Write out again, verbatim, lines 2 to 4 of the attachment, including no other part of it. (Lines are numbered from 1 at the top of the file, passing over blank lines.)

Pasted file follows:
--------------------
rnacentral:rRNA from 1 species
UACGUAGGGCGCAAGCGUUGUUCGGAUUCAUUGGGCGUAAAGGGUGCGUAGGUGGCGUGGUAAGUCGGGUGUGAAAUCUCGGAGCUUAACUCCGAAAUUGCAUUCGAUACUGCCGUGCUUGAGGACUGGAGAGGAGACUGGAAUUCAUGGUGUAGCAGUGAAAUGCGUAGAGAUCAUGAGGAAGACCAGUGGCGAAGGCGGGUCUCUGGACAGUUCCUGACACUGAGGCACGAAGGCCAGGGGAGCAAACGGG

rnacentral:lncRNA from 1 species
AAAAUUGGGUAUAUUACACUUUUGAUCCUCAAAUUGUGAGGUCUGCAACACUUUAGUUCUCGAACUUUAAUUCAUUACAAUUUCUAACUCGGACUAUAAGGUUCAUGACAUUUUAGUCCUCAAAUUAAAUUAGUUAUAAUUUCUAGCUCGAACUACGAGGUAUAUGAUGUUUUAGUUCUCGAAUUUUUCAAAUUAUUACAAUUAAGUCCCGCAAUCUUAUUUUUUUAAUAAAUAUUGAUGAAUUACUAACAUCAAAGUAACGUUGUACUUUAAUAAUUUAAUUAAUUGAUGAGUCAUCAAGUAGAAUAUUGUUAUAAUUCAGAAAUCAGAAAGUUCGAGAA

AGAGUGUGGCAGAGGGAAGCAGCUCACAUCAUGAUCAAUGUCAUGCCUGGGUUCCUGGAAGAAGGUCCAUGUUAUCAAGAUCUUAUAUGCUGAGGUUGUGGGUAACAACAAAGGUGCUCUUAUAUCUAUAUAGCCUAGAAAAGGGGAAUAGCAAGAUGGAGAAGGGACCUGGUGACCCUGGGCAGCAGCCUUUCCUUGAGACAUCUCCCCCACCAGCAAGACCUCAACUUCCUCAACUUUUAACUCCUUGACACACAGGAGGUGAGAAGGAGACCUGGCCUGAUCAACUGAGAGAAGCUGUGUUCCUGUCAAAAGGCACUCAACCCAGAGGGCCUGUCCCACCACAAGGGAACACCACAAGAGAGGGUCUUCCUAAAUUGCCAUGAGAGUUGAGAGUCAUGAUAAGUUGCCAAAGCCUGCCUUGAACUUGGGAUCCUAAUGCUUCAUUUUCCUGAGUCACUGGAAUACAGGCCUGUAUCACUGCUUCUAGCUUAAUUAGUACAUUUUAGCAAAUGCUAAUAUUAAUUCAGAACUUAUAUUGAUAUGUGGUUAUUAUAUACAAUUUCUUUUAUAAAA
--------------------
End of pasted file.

UACGUAGGGCGCAAGCGUUGUUCGGAUUCAUUGGGCGUAAAGGGUGCGUAGGUGGCGUGGUAAGUCGGGUGUGAAAUCUCGGAGCUUAACUCCGAAAUUGCAUUCGAUACUGCCGUGCUUGAGGACUGGAGAGGAGACUGGAAUUCAUGGUGUAGCAGUGAAAUGCGUAGAGAUCAUGAGGAAGACCAGUGGCGAAGGCGGGUCUCUGGACAGUUCCUGACACUGAGGCACGAAGGCCAGGGGAGCAAACGGG

rnacentral:lncRNA from 1 species
AAAAUUGGGUAUAUUACACUUUUGAUCCUCAAAUUGUGAGGUCUGCAACACUUUAGUUCUCGAACUUUAAUUCAUUACAAUUUCUAACUCGGACUAUAAGGUUCAUGACAUUUUAGUCCUCAAAUUAAAUUAGUUAUAAUUUCUAGCUCGAACUACGAGGUAUAUGAUGUUUUAGUUCUCGAAUUUUUCAAAUUAUUACAAUUAAGUCCCGCAAUCUUAUUUUUUUAAUAAAUAUUGAUGAAUUACUAACAUCAAAGUAACGUUGUACUUUAAUAAUUUAAUUAAUUGAUGAGUCAUCAAGUAGAAUAUUGUUAUAAUUCAGAAAUCAGAAAGUUCGAGAA